Ms Rosenberg said she "could intuitively feel" that she had to meet her attacker
A rape victim has met her attacker in prison to tell him she has forgiven him - and called it a "great" experience to seek "peace and forgiveness together".
Katja Rosenberg, 40, from London, said she felt she could forgive soon after the 2006 rape, believing things must have gone wrong in her attacker's life.
"You wouldn't ever do that if you felt happy," she told BBC Radio 5 live.
Of their meeting last year, she said he was "completely" remorseful and "so focused" on no longer being violent.
Ms Rosenberg was cycling home from a drink after work when she was attacked by a 16-year-old stranger.
He was jailed for 14 years after admitting that attack and another rape of a 51-year-old woman shortly afterwards.
"I realised very much straight away or after the incident, it hadn't really or would not traumatise me the way it usually traumatises people," Ms Rosenberg told 5 live's Victoria Derbyshire.
"It had a very strong impact on my life but not so much in the way that I couldn't make peace with that having been done to me, strangely more about life being very sad or things going wrong in life.
"I felt very, very sad, but I didn't feel attacked."
She continued: "Life deals very different cards to all of us, and why somebody does something which is not applaudable - it was more about thinking, something's wrong with society.
"Some of us don't know where to go. You wouldn't ever do that if you felt happy."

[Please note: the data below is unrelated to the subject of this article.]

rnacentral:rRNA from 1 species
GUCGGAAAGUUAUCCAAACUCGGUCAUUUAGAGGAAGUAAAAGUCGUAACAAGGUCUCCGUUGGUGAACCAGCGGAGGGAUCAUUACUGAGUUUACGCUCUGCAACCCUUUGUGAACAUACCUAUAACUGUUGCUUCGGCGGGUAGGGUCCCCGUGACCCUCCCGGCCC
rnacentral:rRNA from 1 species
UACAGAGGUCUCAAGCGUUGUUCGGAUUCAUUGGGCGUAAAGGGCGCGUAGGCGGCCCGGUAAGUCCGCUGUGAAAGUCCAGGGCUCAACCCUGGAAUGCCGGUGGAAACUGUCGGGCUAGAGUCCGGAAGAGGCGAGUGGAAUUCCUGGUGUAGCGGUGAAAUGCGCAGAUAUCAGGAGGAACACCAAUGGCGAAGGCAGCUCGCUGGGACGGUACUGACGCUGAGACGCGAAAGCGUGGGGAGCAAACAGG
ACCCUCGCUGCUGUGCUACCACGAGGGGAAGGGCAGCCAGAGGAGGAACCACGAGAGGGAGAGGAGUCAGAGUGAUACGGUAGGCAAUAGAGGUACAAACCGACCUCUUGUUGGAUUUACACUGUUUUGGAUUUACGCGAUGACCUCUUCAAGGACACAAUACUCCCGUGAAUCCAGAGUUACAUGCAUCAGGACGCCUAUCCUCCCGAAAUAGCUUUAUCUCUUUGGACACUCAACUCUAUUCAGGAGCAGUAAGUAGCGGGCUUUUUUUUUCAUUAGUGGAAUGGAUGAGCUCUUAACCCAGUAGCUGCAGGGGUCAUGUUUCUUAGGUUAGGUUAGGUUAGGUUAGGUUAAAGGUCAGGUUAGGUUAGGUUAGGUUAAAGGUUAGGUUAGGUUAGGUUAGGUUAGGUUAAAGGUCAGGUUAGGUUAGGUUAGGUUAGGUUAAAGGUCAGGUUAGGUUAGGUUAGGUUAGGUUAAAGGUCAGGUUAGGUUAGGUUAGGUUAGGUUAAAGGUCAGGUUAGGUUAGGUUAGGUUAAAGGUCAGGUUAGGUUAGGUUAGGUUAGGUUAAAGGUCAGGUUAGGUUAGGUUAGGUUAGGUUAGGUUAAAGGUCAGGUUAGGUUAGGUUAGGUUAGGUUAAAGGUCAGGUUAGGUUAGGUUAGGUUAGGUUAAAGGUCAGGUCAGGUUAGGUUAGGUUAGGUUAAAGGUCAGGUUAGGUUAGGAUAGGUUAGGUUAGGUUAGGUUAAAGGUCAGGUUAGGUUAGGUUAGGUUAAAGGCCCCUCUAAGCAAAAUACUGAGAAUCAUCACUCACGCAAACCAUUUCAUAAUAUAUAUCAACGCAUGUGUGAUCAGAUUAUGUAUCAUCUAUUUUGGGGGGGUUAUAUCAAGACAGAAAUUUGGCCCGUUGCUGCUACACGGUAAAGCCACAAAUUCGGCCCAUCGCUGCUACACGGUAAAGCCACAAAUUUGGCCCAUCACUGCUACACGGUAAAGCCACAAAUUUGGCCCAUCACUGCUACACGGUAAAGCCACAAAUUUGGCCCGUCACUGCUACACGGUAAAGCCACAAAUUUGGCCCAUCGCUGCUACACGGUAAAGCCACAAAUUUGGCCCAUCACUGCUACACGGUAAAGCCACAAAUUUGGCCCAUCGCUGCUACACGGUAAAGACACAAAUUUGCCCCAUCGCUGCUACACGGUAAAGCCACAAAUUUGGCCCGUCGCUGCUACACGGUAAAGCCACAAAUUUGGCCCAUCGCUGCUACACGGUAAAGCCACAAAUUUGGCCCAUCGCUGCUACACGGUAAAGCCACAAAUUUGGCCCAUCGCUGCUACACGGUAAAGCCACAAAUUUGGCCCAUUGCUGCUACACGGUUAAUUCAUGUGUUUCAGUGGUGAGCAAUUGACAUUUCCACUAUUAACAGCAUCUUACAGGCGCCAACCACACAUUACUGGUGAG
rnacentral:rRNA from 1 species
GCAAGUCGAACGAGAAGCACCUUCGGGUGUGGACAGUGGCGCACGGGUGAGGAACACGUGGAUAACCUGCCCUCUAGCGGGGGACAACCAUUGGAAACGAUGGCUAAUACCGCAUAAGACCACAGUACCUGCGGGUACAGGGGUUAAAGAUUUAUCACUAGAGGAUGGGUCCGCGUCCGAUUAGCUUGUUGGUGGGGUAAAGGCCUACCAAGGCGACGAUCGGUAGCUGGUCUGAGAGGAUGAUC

Ms Rosenberg, who was also punched in the face, chest and stomach before being raped, said she had always felt in the years since that she should meet her attacker.
She finally visited him in prison last September, for a meeting arranged through the restorative justice scheme with the support of the Probation Service.
Partly, this was motivated by a wish to assure him "life's not hopeless, that he knows he's got a future", she said.
"I just felt I could give that. I also thought the exchange would be good for me to somehow get some kind of closure - I mean, I didn't really need a 'Sorry', but it was somehow just good to see that you walk into the same direction of peace and forgiveness together."
She added: "He was in no way looking for excuses or explanations. He was very, very self-effacing - and I thought that was fantastic in itself.
"He just really is very, very upset about his past."
In the Daily Mirror newspaper, columnist Alison Phillips said Ms Rosenberg's story was "incredibly inspirational" and that she had "taken control of what happened to her that day".
Ms Rosenberg told 5 live: "It's just great to go to a healthy place together. It's just great to go to a place that overrides or reaches beyond what happened."